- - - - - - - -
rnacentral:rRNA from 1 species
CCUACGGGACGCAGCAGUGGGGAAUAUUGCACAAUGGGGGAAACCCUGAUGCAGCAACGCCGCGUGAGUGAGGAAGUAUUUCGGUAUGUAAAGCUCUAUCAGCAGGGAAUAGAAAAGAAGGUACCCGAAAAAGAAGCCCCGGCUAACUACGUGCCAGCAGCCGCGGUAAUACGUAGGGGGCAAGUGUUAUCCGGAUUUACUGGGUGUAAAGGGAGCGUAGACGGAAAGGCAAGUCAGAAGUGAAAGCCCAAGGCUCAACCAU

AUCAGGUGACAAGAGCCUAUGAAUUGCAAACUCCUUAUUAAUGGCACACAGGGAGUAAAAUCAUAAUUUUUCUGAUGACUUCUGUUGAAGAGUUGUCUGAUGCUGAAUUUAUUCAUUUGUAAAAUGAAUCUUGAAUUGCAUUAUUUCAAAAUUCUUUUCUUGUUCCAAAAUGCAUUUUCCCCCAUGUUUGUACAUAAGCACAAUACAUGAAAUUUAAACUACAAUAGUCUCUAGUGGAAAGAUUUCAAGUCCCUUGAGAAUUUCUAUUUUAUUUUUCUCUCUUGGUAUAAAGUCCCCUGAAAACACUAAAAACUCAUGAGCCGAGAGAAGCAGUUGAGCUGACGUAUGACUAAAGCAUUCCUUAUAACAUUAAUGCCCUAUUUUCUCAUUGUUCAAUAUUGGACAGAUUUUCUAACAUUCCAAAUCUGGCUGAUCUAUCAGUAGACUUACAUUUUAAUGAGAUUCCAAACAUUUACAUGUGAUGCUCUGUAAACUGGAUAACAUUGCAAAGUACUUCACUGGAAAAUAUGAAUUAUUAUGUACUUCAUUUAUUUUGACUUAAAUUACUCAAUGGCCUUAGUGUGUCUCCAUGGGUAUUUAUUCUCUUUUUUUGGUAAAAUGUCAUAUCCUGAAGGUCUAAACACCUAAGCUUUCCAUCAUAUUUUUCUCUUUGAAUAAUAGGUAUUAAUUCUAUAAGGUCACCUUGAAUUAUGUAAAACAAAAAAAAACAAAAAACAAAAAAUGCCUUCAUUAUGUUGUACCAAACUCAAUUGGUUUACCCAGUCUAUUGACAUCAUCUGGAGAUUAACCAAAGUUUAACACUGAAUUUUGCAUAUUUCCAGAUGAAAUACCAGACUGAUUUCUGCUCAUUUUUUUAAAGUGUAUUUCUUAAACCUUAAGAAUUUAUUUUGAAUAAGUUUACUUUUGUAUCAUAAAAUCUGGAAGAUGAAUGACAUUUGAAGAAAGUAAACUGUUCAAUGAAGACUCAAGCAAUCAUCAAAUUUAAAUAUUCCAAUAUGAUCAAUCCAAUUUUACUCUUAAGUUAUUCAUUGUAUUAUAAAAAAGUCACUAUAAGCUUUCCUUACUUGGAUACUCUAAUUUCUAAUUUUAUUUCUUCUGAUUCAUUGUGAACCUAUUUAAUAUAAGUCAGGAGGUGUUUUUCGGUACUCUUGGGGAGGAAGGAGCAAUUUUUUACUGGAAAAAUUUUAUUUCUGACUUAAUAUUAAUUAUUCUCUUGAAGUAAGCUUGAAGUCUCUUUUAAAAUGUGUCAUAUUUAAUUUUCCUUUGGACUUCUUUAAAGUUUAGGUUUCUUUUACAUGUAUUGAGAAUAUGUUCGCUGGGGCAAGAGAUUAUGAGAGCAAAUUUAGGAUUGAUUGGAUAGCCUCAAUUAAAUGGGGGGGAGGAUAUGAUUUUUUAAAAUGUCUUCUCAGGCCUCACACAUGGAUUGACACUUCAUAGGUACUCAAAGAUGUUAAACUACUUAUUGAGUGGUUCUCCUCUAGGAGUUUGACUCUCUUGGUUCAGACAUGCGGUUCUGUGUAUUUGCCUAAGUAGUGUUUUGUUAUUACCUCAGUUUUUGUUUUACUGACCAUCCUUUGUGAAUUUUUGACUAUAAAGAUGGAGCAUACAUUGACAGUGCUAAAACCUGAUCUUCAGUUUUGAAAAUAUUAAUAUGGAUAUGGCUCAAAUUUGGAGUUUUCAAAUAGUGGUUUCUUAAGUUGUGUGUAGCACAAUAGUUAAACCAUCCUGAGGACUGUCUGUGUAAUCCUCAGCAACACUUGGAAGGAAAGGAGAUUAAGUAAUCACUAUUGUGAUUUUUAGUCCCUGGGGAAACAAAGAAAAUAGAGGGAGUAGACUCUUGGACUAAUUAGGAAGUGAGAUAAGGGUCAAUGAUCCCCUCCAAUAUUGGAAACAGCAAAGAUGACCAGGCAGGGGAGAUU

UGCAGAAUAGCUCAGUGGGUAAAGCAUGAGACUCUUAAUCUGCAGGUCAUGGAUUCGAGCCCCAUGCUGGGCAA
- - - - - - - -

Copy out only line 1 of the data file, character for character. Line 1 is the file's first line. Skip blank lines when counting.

rnacentral:rRNA from 1 species